The other products I mentioned contain malachite green and a blend of supplemental ingredients. They are to be used for curing less severe Ich infestations.

    Weco Nox-Ich is a sound choice of medicine in these cases as it contains only malachite green and a little bit of salt, but the others would likely work too.

    Whatever medication you decide on, know that malachite green will definitely stain aquarium ornaments and silicone blue as it is a dye.

    Also, when measuring the drops of medicine try to take into account the internal decor of the aquarium.

    An empty 100-gallon aquarium with a bare bottom holds more water volume than a 100-gallon tank with rocks, plants and a few inches of substrate.

    When calculating the dosage take these into account in order to avoid overdosing, as this is the most common mistake when treating Ich with chemicals.

    You can likely find most of these chemicals in your local fish store, and you can definitely find them online.

    I usually keep a spare bottle in my first aid aquarium kit, but when I’m out I prefer to order mine online.

    The products get delivered by the time I’ve finished tweaking the water temperature in the aquarium.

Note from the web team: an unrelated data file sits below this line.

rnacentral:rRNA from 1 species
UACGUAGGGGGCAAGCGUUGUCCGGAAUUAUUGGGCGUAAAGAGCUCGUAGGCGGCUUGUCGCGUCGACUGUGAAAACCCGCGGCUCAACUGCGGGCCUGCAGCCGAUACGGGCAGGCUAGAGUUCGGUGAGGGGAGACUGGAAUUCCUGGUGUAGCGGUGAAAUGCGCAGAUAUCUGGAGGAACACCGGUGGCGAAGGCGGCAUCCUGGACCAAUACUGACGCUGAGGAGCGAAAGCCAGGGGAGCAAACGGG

How you obtain the product is not of importance.

  5. Change 25% of the aquarium water in between medication medication.

    Perform a 25% water change with each dose of your medication of choice, unless its instructions state otherwise.

  6. Remove any form of chemical filtration such as Activated Carbon.

    Activated carbon will chemically remove any form of medicine from aquarium water. Remove this type of media from your filter, without stopping the filter itself.

    Discontinue running any UV sterilizers too, as these will also render the medication ineffective by altering its molecules.

  7. Treat any secondary bacterial or fungal infections if they appear.

    The external parasite often leaves fish with miniature open wounds where the white spots were on their skin, fins or gills.

    This invites other ill-meaning bacteria or fungi, which could try to attack the weakened fish.

    It’s important to monitor the survivors for such secondary infections and treat them accordingly.

As mentioned above, treating Ich takes up to 2 weeks until its complete eradication, depending on water temperature.

This period will be sufficient for the parasites in a display aquarium to perish, if Ich-infected fish are being treated in a separate hospital tank.